Right to opt-out

At any time, a consumer has the right to tell a business that sells their personal information not to do so.

Right to equal service and price

Consumers must be able to exercise their data rights without facing penalties from the business. Meaning, regardless of a consumer’s opt-out status, the business may not deny service, charge a higher price, or suggest that price or quality of service is dependent on opt-out status. 

However, businesses may offer a bonus or other incentive in exchange for a consumer’s personal information.

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CPRA vs CCPA

While the CCPA was California's first landmark privacy law, businesses must also consider the California Privacy Rights Act (CPRA). Passed in 2020, the CPRA amended the CCPAexpanding consumer rights, adding the sensitive personal information data designation, removing the 30 day cure period, and more.

Review the CPRA full text to see all the changes, check out our CPRA vs CCPA blog post, or keep reading below to explore the main highlights.

Expanded privacy rights for consumers

The CPRA has the same intent as the CCPA, protecting consumer data privacy in California, but goes even further. Under the CPRA, consumers were given four net new data rights: 

  • Right to correction
  • Right to limit sensitve personal information
  • Right to access information about automated decision making
  • Right to opt-out of automated decision making

The CRPA also expanded the right to know, opt-out, and delete, which already existed under the CCPA.

New category of protected data

The CPRA extends legal protection to any “sensitive personal information” (SPI). A broader category than the CCPA's personal data designation, all of the following are considered SPI: 

  • Social Security numbers
  • Driver’s license numbers
  • State ID card numbers
  • Passport numbers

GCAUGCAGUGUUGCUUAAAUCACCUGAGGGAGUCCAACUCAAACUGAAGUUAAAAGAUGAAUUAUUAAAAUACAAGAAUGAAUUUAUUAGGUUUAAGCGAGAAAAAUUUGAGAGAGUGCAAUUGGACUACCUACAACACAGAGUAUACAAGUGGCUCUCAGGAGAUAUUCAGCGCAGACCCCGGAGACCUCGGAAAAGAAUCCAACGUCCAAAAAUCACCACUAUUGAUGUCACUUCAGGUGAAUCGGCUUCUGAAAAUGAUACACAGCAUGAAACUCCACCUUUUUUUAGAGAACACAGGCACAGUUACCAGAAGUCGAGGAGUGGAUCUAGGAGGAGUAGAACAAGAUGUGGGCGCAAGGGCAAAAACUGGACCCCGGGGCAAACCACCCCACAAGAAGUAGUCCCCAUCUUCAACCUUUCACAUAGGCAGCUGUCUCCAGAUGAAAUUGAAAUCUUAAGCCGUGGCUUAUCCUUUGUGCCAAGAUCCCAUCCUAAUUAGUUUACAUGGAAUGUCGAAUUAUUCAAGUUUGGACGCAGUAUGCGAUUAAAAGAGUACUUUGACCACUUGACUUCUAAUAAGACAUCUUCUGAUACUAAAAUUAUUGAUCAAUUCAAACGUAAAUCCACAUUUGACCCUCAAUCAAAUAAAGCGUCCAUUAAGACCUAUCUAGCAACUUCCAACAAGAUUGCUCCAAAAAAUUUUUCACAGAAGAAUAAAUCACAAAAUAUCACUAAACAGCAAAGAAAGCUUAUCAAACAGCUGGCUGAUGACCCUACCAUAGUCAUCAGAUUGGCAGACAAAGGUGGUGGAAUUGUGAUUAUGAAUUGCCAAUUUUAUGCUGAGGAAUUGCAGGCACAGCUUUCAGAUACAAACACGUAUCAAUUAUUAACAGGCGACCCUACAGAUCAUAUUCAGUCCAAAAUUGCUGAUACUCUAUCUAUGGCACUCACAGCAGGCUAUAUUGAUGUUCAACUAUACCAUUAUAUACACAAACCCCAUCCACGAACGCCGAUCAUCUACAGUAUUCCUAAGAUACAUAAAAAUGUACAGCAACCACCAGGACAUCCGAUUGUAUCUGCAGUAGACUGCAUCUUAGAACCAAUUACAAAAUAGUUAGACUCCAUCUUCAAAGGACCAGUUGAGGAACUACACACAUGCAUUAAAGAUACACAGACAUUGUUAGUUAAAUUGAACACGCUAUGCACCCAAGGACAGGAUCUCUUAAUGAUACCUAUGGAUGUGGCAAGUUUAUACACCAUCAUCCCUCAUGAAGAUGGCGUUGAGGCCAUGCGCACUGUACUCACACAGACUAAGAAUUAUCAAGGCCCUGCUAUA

• Account logins and passwords
  • Precise geolocation
  • Racial and ethnic origins
  • Religious and philosophical beliefs
  • Union membership status
  • Contents of mail, email, and text not sent to the business
  • Genetic data
  • Biometrics
  • Health records
  • Sex life details
  • Sexual orientation

Increased data processing threshold

Before CPRA, a business processing data for 50,000 or more consumers fell under the CCPA's scope. The CPRA doubled this number—increasing the threshold to 100,000 consumers.

This means that, under the CPRA, many smaller CA businesses may end up being exempt. However, there are other scope criteria so make sure those are considered.

Elimination of the automatic 30 day cure period

Under the CCPA, businesses automatically had 30 days to address or "cure" a violation after receiving notice. The CPRA made the cure period discretionary, meaning it will only be provided on a case-by-case basis by the California Privacy Protection Agency.

Establishment of the California Privacy Protection Agency

The CPRA created the California Privacy Protection Agency (CPPA), which is tasked with creating and enforcing California's growing set of privacy and data protection laws. 

Learn more about the differences between the CPRA and CCPA.

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CCPA fines

CCPA violators can be fined up to $2,500 for unintentional incidents and up to $7,500 for intentional refusal to comply. These fines can be applied per person or household without limit—while a single fine may seem rather small, at scale they're quite significant. 

Tech giants and large enterprise process data in massive quantities, so a per person infraction can add up to millions or even hundreds of millions of dollars. 

Take the 2017 Equifax breach, which involved the data of 15 million CA residents. If the breach occurred under the CCPA, it would have resulted in $1.5 billion in fines.